"Our leaders seem intent to make up whatever facts they consider expedient," the former president said while accepting an award
Ten years after Barack Obama started shouting “Yes we can,” the former president still has hope.
The 44th president of the United States, 57, was honored with an award at the Robert F. Kennedy Human Rights 2018 Ripple of Hope Awards on Wednesday night. And while his speech mostly stayed true to the evening’s theme, he seemed to slip in a few sly few digs at President Donald Trump.
“Hope is never a willful ignorance to the hardships and cruelty that so many suffer or the enormous challenges that we face,” Obama declared to hundreds of silent gala attendees. “And hope is certainly not the smug complacency of those who’ve won life’s lottery, and think it’s all because of their talent or charm.”
But Obama understands why some Americans are losing hope in light of recent political discourse.
“When our leaders are content on making up whatever facts they want, a lot of people have begun to doubt the notion of common ground,” he said, possibly referencing Trump’s continued claims of “fake news.”
He used climate change as an example of why people should stay hopeful, while skillfully getting in another seeming dig at the Trump administration.
“Climate change is one of the most formidable tests that humanity has ever faced,” Obama stated. “But for all the climate deniers, for all the fingers in the ears, all the heads foolishly plunged into the sand, right now you have global investment in renewable energy…you have activists in the most remote corners of the world saving rainforests,” he pointed out.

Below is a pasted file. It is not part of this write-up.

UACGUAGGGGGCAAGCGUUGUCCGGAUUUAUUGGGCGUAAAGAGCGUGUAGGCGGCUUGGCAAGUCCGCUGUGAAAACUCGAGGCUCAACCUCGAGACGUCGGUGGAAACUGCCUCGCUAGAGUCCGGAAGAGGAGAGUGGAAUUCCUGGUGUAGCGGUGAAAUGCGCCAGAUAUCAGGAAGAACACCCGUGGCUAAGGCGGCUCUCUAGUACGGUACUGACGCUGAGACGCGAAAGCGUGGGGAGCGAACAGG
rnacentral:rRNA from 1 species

President Trump, 72, is one of the biggest deniers of climate change, and recently said of the topic during a Washington Post interview, “One of the problems that a lot of people like myself, we have very high levels of intelligence but we’re not necessarily such believers.”
The former president has recently stopped shying away from opportunities to criticize the current president.
Last month, he reminded the American public that his administration faced far less legal scrutiny than that of President Trump while at a gala for the nonpartisan Baker Institute for Public Policy at Rice University.
“Not only did I not get indicted, nobody in my administration got indicted,” he said at the event. And in October, at a Democratic campaign event in Milwaukee, he accused Trump and other Republicans of failing “to take on corruption.”
But still, the former president told the crowd he’s still hopeful.
“We have to move faster, we have to work together,” he said Wednesday. “But we should pause tonight and take heart from the ripples of progress.”
He added in a tweet on Thursday, “As Bobby Kennedy taught us, the thing about hope is that it travels through space *and* time, first splashing against the rocks, but eventually breaking down the walls of cruelty and injustice.”
“And if we do our best with the time we’re given, others will take hope in our example.”